zfs allow -u backup aclinherit,aclmode,compression,create,mount,destroy,hold,send,userprop,snapshot tank
zfs allow -u backup aclinherit,aclmode,compression,create,mount,destroy,hold,send,userprop,snapshot zroot

As for the system which should pull the datasets. We also install sanoid and add a small script to our crontab which does all the magic and pulls all datasets we want to backup. It also pushes the status to influx so alerting and graphing can be done. (Careful with the script there are some things you need to update for your usecase!)

# Install package
pkg install sanoid

# Put script in crontab
$ crontab -l
13       0 * * 7	/root/backup.sh

The /root/backup.sh script:



mkdir -p $(dirname $logfile)

if [ ! -f $lockfile ]
    echo $$ > $lockfile
    echo "$(date): early exit ${lockfile} does exist previous backup still running" | tee -a $logfile
    exit 13

# Backup a ZFS dataset by pulling it
# localhost is the host where this scripts runs,
# where as remote is the host which should get backuped
# $1: name of the dataset on the remote host
# $2: name of the dataset on the local host
# return: a status code, 0 if successful
backup_dataset() {

    syncoid --sshkey=${KEY} --recursive --no-privilege-elevation ${REMOTE}:${remote_ds} ${local_ds} >> /tmp/raw_backup.log 2>&1
    code=$?hostname echo "$(date): pulling ${remote_ds} -> ${local_ds} exit code was: ${code}" >> $logfile
    echo $code

start=$(date +%s)
echo "$(date): backup started (log: $logfile)" | tee -a $logfile

exit_code=$((exit_code + $(backup_dataset 'tank/backup' 'tank/backup')))
exit_code=$((exit_code + $(backup_dataset 'tank/data' 'tank/data')))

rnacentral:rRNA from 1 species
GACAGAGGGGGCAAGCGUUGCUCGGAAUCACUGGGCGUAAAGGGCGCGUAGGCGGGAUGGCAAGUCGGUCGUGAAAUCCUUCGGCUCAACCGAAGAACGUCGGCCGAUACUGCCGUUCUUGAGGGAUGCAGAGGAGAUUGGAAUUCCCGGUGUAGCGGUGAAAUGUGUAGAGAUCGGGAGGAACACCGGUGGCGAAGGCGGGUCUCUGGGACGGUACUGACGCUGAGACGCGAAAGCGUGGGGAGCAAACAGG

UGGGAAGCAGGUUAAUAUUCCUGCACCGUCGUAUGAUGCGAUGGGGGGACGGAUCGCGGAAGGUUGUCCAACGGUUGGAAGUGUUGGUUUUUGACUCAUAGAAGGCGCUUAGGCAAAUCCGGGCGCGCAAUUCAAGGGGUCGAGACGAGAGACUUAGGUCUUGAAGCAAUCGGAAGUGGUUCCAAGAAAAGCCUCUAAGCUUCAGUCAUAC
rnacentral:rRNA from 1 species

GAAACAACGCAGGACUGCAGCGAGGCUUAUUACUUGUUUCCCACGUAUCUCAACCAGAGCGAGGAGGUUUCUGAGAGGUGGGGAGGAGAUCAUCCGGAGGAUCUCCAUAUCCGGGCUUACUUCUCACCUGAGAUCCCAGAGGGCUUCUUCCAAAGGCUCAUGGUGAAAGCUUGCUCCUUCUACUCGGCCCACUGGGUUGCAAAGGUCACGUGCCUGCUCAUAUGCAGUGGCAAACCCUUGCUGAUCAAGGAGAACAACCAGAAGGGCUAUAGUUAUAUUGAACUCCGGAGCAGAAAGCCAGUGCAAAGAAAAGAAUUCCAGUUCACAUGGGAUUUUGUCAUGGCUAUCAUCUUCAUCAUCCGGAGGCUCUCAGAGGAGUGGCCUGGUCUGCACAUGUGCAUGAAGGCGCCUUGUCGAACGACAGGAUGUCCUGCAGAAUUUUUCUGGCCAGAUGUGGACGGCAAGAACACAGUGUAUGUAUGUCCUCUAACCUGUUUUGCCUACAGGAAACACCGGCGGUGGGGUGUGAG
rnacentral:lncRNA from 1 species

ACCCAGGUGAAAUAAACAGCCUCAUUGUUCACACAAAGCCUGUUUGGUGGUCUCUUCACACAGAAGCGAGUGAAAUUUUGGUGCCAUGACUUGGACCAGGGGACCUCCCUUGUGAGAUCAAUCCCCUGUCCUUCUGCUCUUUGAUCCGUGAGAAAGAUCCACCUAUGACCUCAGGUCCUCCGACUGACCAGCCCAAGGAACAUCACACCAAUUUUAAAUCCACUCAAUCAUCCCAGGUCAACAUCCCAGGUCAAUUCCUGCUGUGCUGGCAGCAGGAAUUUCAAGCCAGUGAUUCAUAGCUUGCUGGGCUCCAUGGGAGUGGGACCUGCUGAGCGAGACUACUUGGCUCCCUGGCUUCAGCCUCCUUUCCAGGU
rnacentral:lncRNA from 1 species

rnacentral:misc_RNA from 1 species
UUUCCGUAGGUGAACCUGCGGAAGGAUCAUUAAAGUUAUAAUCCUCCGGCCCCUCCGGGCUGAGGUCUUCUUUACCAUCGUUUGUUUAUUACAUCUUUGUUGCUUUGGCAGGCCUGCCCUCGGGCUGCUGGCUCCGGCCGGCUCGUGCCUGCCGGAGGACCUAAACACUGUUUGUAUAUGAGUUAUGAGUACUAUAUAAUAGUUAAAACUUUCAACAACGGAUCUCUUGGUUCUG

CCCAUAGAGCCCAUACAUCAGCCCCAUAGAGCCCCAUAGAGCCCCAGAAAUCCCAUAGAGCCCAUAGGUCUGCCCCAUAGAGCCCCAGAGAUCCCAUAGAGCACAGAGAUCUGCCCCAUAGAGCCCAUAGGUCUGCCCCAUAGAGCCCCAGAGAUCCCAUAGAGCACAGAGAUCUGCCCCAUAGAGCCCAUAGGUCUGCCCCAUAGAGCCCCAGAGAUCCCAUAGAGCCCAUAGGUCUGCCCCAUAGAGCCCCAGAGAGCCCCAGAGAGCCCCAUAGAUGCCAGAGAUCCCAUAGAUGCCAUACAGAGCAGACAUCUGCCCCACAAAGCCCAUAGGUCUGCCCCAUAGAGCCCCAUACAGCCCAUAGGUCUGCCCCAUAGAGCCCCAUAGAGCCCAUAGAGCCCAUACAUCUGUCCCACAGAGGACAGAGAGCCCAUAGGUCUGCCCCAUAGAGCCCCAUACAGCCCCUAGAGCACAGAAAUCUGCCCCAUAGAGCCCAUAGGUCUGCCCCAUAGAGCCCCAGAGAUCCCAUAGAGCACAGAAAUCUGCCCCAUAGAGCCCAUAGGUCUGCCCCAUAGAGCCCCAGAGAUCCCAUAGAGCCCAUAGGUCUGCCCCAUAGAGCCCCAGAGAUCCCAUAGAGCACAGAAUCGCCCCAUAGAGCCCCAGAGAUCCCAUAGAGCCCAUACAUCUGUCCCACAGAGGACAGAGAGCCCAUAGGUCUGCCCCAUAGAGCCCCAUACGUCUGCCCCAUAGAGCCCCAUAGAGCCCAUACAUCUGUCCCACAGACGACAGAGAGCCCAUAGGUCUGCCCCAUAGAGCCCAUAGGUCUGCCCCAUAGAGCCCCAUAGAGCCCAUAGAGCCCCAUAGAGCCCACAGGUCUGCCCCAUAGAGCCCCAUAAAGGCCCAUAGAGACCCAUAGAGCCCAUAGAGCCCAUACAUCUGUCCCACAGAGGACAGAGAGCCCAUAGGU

exit_code=$((exit_code + $(backup_dataset 'tank/music' 'tank/music')))
exit_code=$((exit_code + $(backup_dataset 'tank/photography' 'tank/photography')))
exit_code=$((exit_code + $(backup_dataset 'tank/podcast' 'tank/podcast')))
exit_code=$((exit_code + $(backup_dataset 'zroot/iocage' 'tank/iocage')))
exit_code=$((exit_code + $(backup_dataset 'zroot/usr/home' 'tank/hostname-home')))

end=$(date +%s)
echo "$(date): exit code: ${exit_code} script ran for ~$((runtime / 60)) minutes ($runtime seconds)" | tee -a $logfile

curl -i -XPOST -u mrinflux:password 'https://influx.host.example:8086/write?db=thegreatedb' \
        --data-binary "backup,host=hostname.example status=${exit_code}i
        backuptime,host=hostname.example value=${runtime}i"

rm -f $lockfile
exit $exit_code

Mingelton Cpp

Wouldn't it be fun if your singleton exist multiple times? The answer is yes! (Unless you need to debug it or when it actually needs to work)

Lets take a closer look at the situation:

│                                                                         │
│                            Application                                  │
│                                                                         │
│                             ┌───────────────────────────────────────┐   │
│                             │                                       │   │
│                             │ dynamic loaded library                │   │
│                             │ (Plugin)                              │   │
│                             │                                       │   │
│                             │                                       │   │
│                             │                                       │   │
│  ┌──────────────────────┐   │              ┌─────────────────────┐  │   │
│  │ shared library A     │   │              │ shared library A    │  │   │
│  │                      │   │              │                     │  │   │
│  │ [Singleton]          │   │              │ [Singleton]         │  │   │
│  │                      │   │              │                     │  │   │
│  └──────────────────────┘   │              └─────────────────────┘  │   │
│                             │                                       │   │
│                             └───────────────────────────────────────┘   │
│                                                                         │

The application loads dynamically a library (basically a plugin) which was built using the shared library. The shared library is where the singleton exists. The same shared library is used directly in the app.

Meyer's singleton